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Before ‘green design’ was a hip trend in the architecture industry, and before the term existed, Dave Thielsen established Thielsen Architects to create building forms and interior spaces that are responsive to the site, local climate and seasonal changes in natural light. “We design architecture that is not only functional and beautiful today, but will remain so over time,” says Thielsen, who is based in the Seattle suburb of Kirkland, WA and has practiced architecture in the Pacific Northwest for nearly 30 years. “Architecture firms need to respond to local settings and environments and thankfully in the last ten years we have seen a shift back to regional design. That building that works in the south probably won’t work in the northwest.” What works is the detailed services Thielsen Architects provides for their clients. An initial feasibility study determines if the property is a viable building site, and their intense site analysis includes investigation of zoning restrictions, geotechnical issues and environmentally sensitive areas. “During our programming phase we meet with our client, set out sketch paper and everyone gets pencils and we all sketch together,” says Thielsen.


“We encourage them to sketch their ideas during the preliminary design process. We want our clients to address their relationship with space and functionality issues.” This close working relationship with the client minimizes unexpected changes during the preliminary design and design development process. Thielsen stands out from its competitors during the advanced visualization process, which has been recognized regionally and nationally for the quality of their computer-generated images and animations. “Our clients do not completely understand our process until after they have moved in and lived in the house,” says Thielsen. “When they do, and see how all of their individual needs are met, they know it is a success.” A lot of that success is the result of Thielsen’s spatial organization and environmental concepts in design. “It is important to me to create space with natural light and balancing it from more than one source,” says Thielsen. “We want to create spaces that are light-filled and exciting to be in. We like the fact that our clients do not have to turn on lights until after the sun goes down.”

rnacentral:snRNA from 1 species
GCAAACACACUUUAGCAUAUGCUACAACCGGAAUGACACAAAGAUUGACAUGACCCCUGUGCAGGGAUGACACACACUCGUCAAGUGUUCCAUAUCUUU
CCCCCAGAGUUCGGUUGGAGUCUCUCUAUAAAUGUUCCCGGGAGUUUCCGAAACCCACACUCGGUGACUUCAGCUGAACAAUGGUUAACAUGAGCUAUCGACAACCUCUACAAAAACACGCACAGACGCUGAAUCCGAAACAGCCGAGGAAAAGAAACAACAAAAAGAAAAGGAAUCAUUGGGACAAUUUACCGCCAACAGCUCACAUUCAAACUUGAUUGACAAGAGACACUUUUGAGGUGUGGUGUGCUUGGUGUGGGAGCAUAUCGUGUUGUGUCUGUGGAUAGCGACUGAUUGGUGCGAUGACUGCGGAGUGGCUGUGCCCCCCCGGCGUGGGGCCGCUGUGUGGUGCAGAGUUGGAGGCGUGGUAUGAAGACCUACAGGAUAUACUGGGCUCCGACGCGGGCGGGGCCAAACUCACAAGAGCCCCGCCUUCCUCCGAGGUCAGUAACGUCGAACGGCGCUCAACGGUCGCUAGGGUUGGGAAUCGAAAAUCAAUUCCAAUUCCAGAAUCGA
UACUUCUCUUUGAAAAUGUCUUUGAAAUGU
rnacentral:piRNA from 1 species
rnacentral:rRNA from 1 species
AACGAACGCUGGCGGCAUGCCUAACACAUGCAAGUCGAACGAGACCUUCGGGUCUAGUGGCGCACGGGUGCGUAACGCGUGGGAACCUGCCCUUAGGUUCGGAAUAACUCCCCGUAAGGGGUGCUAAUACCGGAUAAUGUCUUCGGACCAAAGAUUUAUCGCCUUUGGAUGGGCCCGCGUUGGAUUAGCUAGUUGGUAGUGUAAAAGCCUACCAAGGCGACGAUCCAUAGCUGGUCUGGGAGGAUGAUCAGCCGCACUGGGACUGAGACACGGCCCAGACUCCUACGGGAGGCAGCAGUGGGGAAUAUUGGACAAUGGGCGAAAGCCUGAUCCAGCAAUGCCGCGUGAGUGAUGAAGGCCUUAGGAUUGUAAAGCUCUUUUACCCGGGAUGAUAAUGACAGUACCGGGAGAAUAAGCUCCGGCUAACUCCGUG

01 Perched on the upper level, the master bedroom enjoys an unrestricted view of Lake Washington and the Seattle city skyline from the floor to ceiling windows. Natural daylight and air flow is balanced by operable windows on three walls of the bedroom 02 The lake side of the home features three levels, each with its own exterior space. The covered patio on the lower level connects the recreation room to the lawn and lake. The large concrete deck on the main level offers both covered and open areas while the private deck on the upper level provides commanding views and a direct connection from the master suite. The stepped design of the upper floor allows lake views from each of the children’s bedrooms 03 Simple shed forms are juxtaposed, creating the winged roof line of the Joyous House. These forms create volume within the great room and master suite while introducing natural light deep into the home and facilitating natural ventilation



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Luxury Home Quarterly prepares for the summer heat with a look at cool and refreshing interior design elements, as well as ambitious homes f...


Luxury Home Quarterly prepares for the summer heat with a look at cool and refreshing interior design elements, as well as ambitious homes f...